Last Updated on March 20, 2018

What can a teenage girl teach a bunch of boys about relationships in a simple greeting?


We recently had some visitors at our home. We have been friends with this family for about eight years, though most of that time we’ve lived in different states and enjoy visits just two or three times a year. This is a family who has three boys ages 15, 13, and 10 … and to put it bluntly, whenever they are with us all three boys are so interested in “hanging” with our daughter it’s almost comical to me. They refer to her as the sister they never had.

For them she’s “safe,” not like the typical girl they deal with at school and church, but a safe girl they can actually spend time with and not feel intimidated by. It’s like she’s the representative of these strange creatures that these boys are constantly trying to figure out. My take is that they observe and interact with her in an effort to figure out just how girls work.

I always get a kick out of meal time, when there is always major jockeying for position as they each are trying to sit by her. They went with us to church on Sunday, the 10-year-old got the coveted seat next to her during church, much to the chagrin of the other two.  After church we hung out a while and they met a few of my daughters friends—more interested curiosity and “strange creature” observing.

Back at the house during lunch the boy’s dad made the following observation: “Why is it that when girls see their friends they hug and start chatting happily? When my sons meet their friends they say, ‘Hey’ and look down at their shoes.”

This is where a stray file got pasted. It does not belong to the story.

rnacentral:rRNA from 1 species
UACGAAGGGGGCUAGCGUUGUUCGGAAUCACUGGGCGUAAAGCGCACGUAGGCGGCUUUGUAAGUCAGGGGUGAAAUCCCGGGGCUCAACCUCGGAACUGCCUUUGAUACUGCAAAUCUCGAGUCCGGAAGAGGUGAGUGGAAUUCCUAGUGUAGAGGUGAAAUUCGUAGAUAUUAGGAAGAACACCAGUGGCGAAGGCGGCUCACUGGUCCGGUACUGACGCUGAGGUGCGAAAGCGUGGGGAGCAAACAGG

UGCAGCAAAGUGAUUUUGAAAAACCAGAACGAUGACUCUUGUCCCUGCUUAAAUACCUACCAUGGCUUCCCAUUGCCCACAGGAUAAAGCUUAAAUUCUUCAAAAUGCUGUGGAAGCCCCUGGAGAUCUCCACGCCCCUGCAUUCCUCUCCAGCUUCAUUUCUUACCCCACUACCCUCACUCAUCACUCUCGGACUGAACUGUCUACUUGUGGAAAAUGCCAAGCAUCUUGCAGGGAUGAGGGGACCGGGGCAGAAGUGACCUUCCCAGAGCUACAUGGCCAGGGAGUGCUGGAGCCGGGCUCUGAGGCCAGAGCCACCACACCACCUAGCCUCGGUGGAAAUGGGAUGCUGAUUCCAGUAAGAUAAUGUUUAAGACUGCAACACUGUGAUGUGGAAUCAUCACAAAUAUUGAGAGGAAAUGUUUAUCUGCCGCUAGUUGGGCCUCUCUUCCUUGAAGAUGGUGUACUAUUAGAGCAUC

I realize now that my son truly is at an advantage because he is learning so much about girls and the way they act and think because he has a sister to observe. For that matter, my daughter is learning all about guys (at times more than she wants to know) when it comes to what they find funny and how they communicate love. All the bantering, bickering, laughing, and shoving is teaching each child how the opposite sex reacts and communicates.

Teenagers are reminding me that I learned some of my best lessons on boundaries and feelings of others by how I interacted with my own siblings.

If your children do not have siblings of the opposite sex, I encourage you to seek out opportunities for them to spend time with families who can offer those experiences to your children. Everyone needs a chance to figure out the “strange creatures” they will someday be married to … childhood playmates and friendships provide that opportunity.

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  1. I grew up the oldest of three boys. It wasn't until I have had three girls of my own (as well as four boys) that I've begun to understand girls (and women) better. I see the way my sons interact with their sisters and realize that they have a much greater perspective on girls than I did.